Why might the public be against police body cameras?

Although body cameras allow a clear picture to be painted while in court, some people might be against body cameras because of the privacy concerns that come with a camera recording everything while an officer is on duty. As stated by Dustin Sternbeck, chief D.C. police spokesman, “We’re not running around to capture demonstrators on tape. We're not going around doing surveillance of demonstrations” (Hermann). Police body cameras are very controversial during protests or marches because people are afraid that a large group of people are being recorded and will be prosecuted later. This is why some police departments choose to turn off their body cameras during protests and only turn them on when necessary. Also, as mentioned by The CATO Institute, “Police body cameras do pose privacy concerns, but those concerns can be resolved with the right policies in place”. With the implementation of body cameras, also comes the implementation of policies regarding the public’s privacy. Some instances where people might be worried with privacy could be instances where a scene could result in a death of a someone, or in other instances where a victim of assault might have not decided to press charge towards one another. With the right policies, the public shouldn’t have to worry about any concerns that might arise from an otherwise very beneficial piece of technology.

How will body cameras improved relationships between the public and the police departments in the future?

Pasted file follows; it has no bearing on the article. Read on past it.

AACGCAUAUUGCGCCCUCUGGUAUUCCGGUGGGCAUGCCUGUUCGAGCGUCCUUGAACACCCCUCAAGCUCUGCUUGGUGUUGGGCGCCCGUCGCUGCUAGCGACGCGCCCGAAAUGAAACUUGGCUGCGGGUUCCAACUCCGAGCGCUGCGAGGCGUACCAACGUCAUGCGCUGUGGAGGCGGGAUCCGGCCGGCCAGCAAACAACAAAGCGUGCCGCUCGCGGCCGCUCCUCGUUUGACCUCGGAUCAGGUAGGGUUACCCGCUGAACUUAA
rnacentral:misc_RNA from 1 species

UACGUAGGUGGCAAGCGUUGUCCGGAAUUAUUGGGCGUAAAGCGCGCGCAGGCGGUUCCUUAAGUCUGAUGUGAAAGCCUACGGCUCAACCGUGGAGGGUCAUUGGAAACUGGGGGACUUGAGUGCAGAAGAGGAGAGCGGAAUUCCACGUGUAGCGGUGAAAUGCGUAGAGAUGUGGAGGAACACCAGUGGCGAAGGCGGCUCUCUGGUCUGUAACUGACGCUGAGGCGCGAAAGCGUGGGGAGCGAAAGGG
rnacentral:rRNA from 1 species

Police body cameras will continue to become more popular in the coming years, and this will definitely help improve relationships in many communities around the United States. According to Elena Ferrarin, who interviewed the Elgin Police Department when they “The use of body cameras could drive drown the number of residents' complaints against police, just as the introduction of squad car cameras did 13 years ago” . With the continued introduction of police body cameras in more and more police departments, less cases of grievances from police misconduct will occur and ultimately continuing to improve the public’s impression of police. Also, most people support the use of police body cameras now, “ There are certainly valid concerns regarding how this technology will be implemented, but the strong support shown for these cameras seems to indicate it’s a matter of when, not if, they’ll be implemented” (Estrad). The majority agrees with the use of body cameras right now so the only concern is how fast we can implement the cameras so that more interactions between the public and police can be safe for everyone and so that every judicial proceeding can be rightly justified without any exonerations in the persecution.